It’s partly a testament to just how many great games have been released over the last few decades that deserve to be played and replayed. In years past, ports were often games I’d already beaten or decided never to touch again, but now they’re more often stuff I always meant to get around to trying or finishing but could never find the time to like The Binding of Isaac, which I fell in love with all over again when Afterbirth+ was ported last spring.

Some games sell millions of copies, many only sell a few hundred thousand or less. The end result is that most people haven’t played most games, even the great ones, something that only becomes more true as each new year goes by.

When old stuff reappears on the Switch though, surrounded by a sea of white space thanks to the interface’s minimalistic layout, it feels like thumbing through a set of timeless classics at a bookstore, or critically-acclaimed movies and TV shows on Netflix.

Most of them are also unquantifiably transformed by being playable anywhere at anytime on a lovely tablet screen with analogue sticks and mechanical buttons on the sides. Having Stardew Valley or Darkest Dungeon integrated into the ebbs and flows of daily life — commutes, lunch breaks, waiting for friends to show up before a Happy Hour or movie — also makes it possible to enjoy them free from the churn of new games vying for my attention when I sit down to stare at my Steam library or whatever’s new on Xbox Marketplace.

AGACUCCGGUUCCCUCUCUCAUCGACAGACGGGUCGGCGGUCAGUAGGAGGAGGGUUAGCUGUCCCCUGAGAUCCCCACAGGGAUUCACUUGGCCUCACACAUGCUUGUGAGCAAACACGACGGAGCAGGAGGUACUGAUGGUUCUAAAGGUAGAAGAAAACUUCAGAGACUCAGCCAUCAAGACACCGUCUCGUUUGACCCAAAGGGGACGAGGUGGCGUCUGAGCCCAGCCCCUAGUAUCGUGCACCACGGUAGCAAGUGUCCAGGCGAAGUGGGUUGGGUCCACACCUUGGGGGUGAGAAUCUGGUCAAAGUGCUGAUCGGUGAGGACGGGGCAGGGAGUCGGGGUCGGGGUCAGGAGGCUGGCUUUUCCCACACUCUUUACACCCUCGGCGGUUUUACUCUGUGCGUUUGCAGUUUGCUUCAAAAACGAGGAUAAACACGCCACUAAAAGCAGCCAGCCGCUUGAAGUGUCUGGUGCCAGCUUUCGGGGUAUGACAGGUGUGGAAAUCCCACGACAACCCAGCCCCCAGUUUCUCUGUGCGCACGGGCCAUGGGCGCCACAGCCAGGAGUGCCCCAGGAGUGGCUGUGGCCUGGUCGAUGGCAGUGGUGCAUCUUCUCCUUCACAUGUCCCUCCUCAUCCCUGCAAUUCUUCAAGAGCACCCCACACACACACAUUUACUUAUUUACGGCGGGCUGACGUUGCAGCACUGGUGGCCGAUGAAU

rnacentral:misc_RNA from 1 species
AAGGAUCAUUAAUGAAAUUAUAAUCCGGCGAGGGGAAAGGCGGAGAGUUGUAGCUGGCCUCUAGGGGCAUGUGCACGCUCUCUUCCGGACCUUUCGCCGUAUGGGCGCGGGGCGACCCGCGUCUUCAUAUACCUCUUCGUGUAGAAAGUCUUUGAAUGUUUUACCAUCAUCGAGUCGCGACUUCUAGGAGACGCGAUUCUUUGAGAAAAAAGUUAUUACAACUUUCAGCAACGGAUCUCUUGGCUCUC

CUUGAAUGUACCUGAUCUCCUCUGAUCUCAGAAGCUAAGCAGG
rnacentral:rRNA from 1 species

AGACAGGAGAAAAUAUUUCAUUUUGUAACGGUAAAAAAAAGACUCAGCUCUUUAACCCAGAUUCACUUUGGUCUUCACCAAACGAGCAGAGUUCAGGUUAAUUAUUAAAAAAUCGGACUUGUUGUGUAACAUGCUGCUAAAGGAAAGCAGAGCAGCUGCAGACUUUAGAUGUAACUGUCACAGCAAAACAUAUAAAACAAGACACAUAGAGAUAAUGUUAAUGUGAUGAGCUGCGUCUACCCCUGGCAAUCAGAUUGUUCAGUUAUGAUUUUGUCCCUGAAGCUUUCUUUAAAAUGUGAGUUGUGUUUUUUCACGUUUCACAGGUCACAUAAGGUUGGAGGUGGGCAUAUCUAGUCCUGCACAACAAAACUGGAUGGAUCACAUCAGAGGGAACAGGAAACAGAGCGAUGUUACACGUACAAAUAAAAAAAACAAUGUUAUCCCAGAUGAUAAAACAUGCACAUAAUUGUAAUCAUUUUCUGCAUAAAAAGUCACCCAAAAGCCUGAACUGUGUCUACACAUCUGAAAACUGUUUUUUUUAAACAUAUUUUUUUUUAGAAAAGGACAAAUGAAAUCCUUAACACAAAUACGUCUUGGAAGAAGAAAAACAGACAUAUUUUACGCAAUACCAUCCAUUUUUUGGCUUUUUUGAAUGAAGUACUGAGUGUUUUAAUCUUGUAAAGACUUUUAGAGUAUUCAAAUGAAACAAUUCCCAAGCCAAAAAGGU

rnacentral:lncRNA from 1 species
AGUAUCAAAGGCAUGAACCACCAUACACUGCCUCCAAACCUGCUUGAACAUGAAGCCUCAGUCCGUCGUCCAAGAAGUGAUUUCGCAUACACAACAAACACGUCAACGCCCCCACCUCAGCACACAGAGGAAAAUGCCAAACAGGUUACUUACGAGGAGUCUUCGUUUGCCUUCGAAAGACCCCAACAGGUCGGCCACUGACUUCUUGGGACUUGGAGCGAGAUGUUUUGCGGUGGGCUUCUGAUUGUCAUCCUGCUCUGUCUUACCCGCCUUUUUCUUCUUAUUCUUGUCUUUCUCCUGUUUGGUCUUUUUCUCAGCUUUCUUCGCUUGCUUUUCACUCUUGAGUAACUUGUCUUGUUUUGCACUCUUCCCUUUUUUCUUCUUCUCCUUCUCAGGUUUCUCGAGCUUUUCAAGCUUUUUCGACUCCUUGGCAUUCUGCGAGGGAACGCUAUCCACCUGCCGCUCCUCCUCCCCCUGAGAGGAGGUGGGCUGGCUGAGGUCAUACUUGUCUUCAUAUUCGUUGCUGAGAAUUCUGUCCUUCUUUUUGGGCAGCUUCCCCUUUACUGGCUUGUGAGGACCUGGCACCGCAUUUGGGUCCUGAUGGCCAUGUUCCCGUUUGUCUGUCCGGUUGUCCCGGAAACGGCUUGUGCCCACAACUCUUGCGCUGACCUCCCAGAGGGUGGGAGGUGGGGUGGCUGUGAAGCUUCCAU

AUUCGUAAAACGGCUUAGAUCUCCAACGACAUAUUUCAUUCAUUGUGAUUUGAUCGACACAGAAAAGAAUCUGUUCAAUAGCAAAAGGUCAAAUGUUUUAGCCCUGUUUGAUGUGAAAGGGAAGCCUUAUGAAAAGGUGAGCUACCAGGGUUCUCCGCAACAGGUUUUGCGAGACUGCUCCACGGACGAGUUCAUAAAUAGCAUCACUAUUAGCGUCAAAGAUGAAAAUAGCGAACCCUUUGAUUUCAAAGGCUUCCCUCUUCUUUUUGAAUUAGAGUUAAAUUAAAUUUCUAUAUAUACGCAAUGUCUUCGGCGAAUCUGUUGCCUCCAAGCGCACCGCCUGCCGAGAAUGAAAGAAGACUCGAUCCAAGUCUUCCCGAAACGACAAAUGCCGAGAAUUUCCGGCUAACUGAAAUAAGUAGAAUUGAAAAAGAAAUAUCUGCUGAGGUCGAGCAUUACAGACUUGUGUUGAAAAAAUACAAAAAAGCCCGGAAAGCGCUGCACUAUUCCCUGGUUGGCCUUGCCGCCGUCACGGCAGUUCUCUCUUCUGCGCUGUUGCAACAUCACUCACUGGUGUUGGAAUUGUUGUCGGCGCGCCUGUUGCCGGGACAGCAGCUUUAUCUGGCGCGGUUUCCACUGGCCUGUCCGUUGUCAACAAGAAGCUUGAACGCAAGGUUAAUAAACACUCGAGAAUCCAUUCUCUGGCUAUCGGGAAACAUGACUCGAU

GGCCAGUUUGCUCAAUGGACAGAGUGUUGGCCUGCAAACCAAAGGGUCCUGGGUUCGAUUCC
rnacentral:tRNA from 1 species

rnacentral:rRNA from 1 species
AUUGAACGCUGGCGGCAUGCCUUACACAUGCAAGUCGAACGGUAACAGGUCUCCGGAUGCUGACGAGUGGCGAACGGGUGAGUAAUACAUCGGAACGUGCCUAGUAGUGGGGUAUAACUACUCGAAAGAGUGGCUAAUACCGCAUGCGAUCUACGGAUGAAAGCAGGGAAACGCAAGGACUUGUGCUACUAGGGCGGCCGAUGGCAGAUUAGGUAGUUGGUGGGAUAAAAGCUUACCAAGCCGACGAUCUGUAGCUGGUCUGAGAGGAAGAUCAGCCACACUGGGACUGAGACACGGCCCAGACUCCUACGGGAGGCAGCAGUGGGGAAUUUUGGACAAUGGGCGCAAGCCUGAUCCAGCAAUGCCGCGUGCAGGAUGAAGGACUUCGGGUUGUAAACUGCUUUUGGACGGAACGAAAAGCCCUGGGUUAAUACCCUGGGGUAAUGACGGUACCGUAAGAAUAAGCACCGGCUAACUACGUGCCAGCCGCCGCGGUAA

And unlike the company’s previous handhelds, the Switch also plays gorgeous-looking games in the ballpark of what’s possible on modern consoles. The port of Doom 2016 is proof of that.

There’s something fashionable about Switch, too. It feels fresh, even cool — not things we normally associate with Nintendo, but it’s 2018 and here we are. Like any trend, this phenomenon is also self-reinforcing.

The more people are excited about the Switch and talking about what they’re currently playing on it, the more other people feel like it’s the place to be and want to be a part of the scene, even if it’s to play games that have already been available on other platforms for months or even years.